Geared toward upper-level undergraduates and graduate students, this treatment examines the basic paradoxes and history of set theory and advanced topics such as relations and functions, equipollence, more. 1960 edition.

The aim of this book is to help students write mathematics better. Throughout it are large exercise sets well-integrated with the text and varying appropriately from easy to hard.

"Proofiness," as Charles Seife explains in this eye-opening book, is the art of using pure mathematics for impure ends, and he reminds readers that bad mathematics has a dark side.

This monograph covers the recent major advances in various areas of set theory. From the reviews: "One of the classical textbooks and reference books in set theory....The present ‘Third Millennium’ edition...is a whole new book.

Explores the plausibility of mathematical answers to puzzles in the physical world, in an accessible exploration of the lives and thoughts of such figures as Archimedes, Galileo, and Newton.

Categories for the Working Mathematician provides an array of general ideas useful in a wide variety of fields. Starting from the foundations, this book illuminates the concepts of category, functor, natural transformation, and duality.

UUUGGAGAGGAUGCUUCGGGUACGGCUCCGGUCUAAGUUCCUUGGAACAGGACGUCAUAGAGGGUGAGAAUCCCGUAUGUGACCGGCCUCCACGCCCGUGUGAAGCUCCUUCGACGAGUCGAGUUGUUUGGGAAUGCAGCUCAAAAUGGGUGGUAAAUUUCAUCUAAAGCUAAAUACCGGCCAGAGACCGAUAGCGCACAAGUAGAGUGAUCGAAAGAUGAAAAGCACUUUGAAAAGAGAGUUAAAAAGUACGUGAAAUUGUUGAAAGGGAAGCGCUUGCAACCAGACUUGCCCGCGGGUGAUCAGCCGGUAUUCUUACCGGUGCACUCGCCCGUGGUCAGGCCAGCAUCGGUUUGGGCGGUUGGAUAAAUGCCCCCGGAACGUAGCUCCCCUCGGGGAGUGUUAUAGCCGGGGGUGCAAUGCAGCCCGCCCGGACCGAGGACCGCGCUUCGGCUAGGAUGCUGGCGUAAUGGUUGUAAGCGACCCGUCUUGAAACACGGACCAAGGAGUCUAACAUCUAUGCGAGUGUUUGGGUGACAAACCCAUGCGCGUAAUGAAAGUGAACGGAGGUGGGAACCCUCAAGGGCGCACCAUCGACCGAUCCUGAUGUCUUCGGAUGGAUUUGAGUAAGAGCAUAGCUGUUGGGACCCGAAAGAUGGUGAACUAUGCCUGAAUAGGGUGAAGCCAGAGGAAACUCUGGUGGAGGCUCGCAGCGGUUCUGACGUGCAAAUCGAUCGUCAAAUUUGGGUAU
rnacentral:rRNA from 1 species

A significant new edition of a text that offers both tools and sample applications; extensive revisions and seven new chapters improve and expand upon the original treatment.

A book by American novelist and essayist David Foster Wallace that examines the history of infinity, focusing primarily on the work of Georg Cantor, the 19th-century German mathematician who created set theory.

Presents the author's thesis that consciousness, in its manifestation in the human quality of understanding, is doing something that mere computation cannot; and attempts to understand how such non-computational action might arise within ...